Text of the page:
Tell me where I am going wrong here. The conventional view is you’ve got fundamentals and valuation, technicals, and sentiment. Valuation is how are stocks priced relative to earnings, cash flow, dividends, book value, etc. Technicals is price action and price patterns. Sentiment refers to “The Crowd”. Are most market participants bullish or are they bearish? It would appear to me that forward earnings yield is a valuation metric, not a sentiment one.
    I mean forward earnings yields are the same today and yesterday as they were 4-5 weeks ago when the S&P hit 1220. By that metric, sentiment today is unchanged from 5 weeks ago, but doesn’t that seem off?
    5 weeks ago you had record call buying only matched on like 3 other occasions in the past several years which incidentally was a great marker the short-term top. Now you’ve got very elevated put-call ratios.
    Anyways, today looked like a classic reversal day and from my vantage point sentiment is very pessimistic:
    I added stocks aggressively yesterday and today, and might buy more tomorrow.
    FWIW, I’d love to hear your detailed bull thesis on MSFT. It does look very cheap here both on trailing and forward earnings with a rock solid balance sheet.

  • Jeff Miller May 25, 2010  

    Mike C — You have cited Paul’s post describing an evaluation of analyst forecasts.
    Did you read the work cited? If so, please explain all three charts.
    One of the problems on the Internet is a rather loose interpretation of data, so let us discuss this one — in detail.
    Thanks for pointing out something that everyone is talking about, and I await your analysis, especially of chart 3.

  • Mike C May 25, 2010  

    If so, please explain all three charts.
    I hope I get an A. ๐Ÿ™‚ Or at least pass. ๐Ÿ™‚
    Chart 1 appears to show persuasively that for the majority of years analyst forecasts start too high and gradually come down to meet what the actual turns out to be. In a few years, they seem to overshoot to the downside after initially being way too optimistic and then have to revise back up. One exception appears to be the 2003-2006 time period where they were too pessimistic. What is the anomaly here? Those 4 years or the other 20+. Perhaps not directly relevant to the chart interpretation but I think one can ponder that the 2003-2006 profit growth was an abnormal period of profit growth due to a generational credit bubble and profit margins above long-term sustainable levels. Looking at 2003, it appears analysts are too pessimistic at the turn coming out of a recession. Recent experience would appear to confirm that. This would seem to confirm that analyst estimates make the same mistake as many. They are too optimistic at the top and too pessimistic at the bottom. The market of course is a leading indicator. The market turned down in late 2007 well before it became clear just how bad profits would turn down and the market recovered in spring 2009 well before it became clear how robust profit recovery would be. The million dollar question is where are we at in the earnings cycle? I don’t know. If I knew with absolute certainty the SPX was going to do $100 in 2011 and $120 in 2012 I’d be margined to the max long stocks here. Are you absolutely sure about those numbers for those years? Or is it possible this earnings cycle could be a much shorter, compressed one?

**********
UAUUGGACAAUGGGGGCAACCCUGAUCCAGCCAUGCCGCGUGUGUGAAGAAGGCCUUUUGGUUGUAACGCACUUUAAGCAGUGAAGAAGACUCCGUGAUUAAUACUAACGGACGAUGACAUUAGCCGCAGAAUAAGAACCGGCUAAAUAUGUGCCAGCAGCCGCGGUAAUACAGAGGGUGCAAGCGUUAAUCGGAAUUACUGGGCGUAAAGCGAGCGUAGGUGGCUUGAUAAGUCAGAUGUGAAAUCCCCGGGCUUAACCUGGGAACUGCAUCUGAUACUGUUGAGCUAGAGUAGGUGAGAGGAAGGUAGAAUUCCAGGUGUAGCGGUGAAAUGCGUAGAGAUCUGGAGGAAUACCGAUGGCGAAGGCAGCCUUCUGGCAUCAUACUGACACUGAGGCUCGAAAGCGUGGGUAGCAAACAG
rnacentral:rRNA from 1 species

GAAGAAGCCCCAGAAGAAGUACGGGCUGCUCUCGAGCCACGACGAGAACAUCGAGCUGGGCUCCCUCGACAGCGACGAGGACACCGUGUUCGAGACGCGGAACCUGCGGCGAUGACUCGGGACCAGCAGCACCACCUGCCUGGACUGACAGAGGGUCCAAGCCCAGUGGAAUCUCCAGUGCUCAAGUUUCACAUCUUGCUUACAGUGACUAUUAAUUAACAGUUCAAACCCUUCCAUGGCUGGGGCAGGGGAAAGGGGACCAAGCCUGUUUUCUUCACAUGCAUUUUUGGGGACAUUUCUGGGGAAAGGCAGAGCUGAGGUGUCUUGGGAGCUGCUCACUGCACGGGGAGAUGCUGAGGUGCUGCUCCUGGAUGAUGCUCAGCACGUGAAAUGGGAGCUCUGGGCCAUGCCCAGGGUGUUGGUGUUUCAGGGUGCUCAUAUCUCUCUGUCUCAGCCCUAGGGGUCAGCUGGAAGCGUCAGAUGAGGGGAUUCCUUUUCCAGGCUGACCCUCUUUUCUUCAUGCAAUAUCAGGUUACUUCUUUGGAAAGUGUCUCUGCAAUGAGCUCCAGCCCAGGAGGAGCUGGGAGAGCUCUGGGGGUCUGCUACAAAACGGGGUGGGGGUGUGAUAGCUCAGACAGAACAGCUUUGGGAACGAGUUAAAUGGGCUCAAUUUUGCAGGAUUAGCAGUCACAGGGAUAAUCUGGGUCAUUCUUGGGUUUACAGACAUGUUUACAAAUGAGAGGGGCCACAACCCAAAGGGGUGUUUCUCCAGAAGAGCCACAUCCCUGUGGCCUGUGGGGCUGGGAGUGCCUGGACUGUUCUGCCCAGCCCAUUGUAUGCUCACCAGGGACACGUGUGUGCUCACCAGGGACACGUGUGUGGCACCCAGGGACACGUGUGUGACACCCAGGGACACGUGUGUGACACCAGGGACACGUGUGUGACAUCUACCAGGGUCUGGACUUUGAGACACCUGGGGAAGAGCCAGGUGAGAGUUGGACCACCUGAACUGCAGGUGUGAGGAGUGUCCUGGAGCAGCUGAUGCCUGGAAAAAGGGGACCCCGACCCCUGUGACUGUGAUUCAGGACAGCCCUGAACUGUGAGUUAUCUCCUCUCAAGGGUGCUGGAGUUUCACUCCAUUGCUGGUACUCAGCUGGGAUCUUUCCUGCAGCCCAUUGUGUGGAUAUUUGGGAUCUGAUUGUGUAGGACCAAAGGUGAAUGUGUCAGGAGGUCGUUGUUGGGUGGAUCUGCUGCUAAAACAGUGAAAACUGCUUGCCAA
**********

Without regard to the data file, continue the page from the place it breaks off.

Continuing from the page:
Chart 2 appears to show that analysts predict 10-12% EPS growth for 5 years and then must fall asleep as they appear to never change that forecast except for the late nineties, early 00s where they got even more optimistic. In contrast, actual earnings appear to be quite volatile on a 5-year basis bouncing between 0 and 14%. Interestingly, the average is 6-7% which is the number I’ve seen others use for long-term SPX profit growth. Should we value the market based on a 6% long-term growth rate? Or should we use a single year that could be above trend?
    Chart 3 seems to indicate that except for the late 90s bubble the actual market P/E tends to appropriately trade at a discount to the implied P/E from analysts forecast.
    Still hoping you’ll share your bull thesis on MSFT. I know you’ve mentioned the corporate PC upgrade cycle which makes a ton of sense to me since they’ve put this off.

  • Jeff Miller May 25, 2010  

    Mike C — Thanks for your help and your patience. I am still trying to figure this out.
    Chart 1 — if you look at forward predictions for one year ahead (what I usually do) these seem pretty close for nearly all years. You can try to guess when there will be a recession, of course.
    Chart 2. Do you really think that analysts “fall asleep”? What is the point of five-year forecasts? Who really believes that these are relevant? Or three-year forecasts?
    Chart 3. Please explain “the implied P/E from analysts forecast.” I have NO IDEA what this means, nor do I think that any readers do.